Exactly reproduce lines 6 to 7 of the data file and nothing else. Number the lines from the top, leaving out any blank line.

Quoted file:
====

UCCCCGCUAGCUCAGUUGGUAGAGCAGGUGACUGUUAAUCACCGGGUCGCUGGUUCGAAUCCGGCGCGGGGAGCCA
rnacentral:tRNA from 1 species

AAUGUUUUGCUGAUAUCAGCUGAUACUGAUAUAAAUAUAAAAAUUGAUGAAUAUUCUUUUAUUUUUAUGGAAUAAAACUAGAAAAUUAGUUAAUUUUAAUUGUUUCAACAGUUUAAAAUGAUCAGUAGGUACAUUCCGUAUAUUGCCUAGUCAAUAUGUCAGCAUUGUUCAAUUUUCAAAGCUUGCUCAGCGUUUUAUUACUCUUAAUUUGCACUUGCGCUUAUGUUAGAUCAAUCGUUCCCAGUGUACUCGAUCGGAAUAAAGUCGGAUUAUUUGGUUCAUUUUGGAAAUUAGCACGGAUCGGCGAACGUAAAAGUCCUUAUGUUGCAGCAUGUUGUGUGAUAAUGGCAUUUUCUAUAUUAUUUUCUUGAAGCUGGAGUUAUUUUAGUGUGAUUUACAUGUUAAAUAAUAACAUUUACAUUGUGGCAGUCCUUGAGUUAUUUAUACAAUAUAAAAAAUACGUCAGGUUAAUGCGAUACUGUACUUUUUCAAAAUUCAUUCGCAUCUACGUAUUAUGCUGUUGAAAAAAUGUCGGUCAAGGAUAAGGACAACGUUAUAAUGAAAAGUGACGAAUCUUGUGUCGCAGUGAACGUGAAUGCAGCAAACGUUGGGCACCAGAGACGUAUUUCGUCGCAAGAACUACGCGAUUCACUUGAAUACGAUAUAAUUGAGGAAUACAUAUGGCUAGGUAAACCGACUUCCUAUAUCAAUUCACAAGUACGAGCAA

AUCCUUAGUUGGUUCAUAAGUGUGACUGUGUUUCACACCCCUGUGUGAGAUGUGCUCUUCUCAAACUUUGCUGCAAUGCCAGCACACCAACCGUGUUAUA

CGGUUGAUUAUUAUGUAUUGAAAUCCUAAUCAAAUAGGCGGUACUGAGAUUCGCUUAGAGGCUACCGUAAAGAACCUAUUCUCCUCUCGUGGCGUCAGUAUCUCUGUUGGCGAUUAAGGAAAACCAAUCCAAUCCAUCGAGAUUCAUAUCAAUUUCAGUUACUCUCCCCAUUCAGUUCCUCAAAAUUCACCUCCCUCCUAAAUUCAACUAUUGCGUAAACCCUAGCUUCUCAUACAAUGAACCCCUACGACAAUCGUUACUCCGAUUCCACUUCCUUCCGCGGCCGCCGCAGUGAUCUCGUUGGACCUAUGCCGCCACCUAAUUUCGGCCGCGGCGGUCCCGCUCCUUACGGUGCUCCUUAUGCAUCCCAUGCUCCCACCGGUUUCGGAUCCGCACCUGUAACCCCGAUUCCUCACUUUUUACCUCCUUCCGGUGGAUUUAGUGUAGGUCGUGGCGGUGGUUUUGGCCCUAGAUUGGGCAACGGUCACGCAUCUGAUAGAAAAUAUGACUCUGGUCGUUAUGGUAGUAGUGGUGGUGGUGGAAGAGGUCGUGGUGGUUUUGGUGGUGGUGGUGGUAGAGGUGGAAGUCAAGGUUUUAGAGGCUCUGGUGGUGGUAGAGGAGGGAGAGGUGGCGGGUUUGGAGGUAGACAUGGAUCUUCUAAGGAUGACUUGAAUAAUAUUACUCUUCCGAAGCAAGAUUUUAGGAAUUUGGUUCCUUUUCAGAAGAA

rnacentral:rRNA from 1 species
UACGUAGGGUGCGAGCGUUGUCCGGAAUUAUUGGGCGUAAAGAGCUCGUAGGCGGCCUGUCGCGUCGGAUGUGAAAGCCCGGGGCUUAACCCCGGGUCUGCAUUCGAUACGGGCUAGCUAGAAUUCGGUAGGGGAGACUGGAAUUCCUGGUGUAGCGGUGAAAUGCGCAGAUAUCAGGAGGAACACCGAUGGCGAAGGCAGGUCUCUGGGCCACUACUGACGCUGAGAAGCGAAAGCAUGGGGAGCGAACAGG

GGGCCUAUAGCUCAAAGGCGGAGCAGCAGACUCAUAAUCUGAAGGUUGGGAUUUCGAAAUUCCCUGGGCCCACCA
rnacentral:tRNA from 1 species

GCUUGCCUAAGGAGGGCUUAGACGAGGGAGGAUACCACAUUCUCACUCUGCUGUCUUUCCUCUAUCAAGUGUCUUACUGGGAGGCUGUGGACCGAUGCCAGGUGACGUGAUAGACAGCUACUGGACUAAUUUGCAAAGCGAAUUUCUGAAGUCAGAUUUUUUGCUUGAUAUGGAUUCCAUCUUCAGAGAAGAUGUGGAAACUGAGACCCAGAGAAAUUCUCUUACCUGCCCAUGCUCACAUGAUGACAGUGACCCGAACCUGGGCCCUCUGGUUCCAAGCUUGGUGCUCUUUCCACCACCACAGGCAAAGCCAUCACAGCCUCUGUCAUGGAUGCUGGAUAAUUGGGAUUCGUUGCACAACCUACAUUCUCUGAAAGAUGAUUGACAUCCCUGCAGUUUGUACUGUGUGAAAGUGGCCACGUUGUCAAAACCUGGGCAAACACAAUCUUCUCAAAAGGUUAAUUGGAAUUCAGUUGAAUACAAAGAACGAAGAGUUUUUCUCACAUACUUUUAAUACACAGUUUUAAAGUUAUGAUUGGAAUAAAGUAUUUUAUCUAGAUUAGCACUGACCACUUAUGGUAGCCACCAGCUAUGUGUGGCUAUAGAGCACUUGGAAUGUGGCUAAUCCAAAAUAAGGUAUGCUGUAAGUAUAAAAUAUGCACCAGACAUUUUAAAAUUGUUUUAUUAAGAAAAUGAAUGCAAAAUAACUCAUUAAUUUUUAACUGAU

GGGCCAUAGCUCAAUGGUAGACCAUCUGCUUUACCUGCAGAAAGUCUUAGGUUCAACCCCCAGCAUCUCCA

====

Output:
rnacentral:rRNA from 1 species
UACGUAGGGUGCGAGCGUUGUCCGGAAUUAUUGGGCGUAAAGAGCUCGUAGGCGGCCUGUCGCGUCGGAUGUGAAAGCCCGGGGCUUAACCCCGGGUCUGCAUUCGAUACGGGCUAGCUAGAAUUCGGUAGGGGAGACUGGAAUUCCUGGUGUAGCGGUGAAAUGCGCAGAUAUCAGGAGGAACACCGAUGGCGAAGGCAGGUCUCUGGGCCACUACUGACGCUGAGAAGCGAAAGCAUGGGGAGCGAACAGG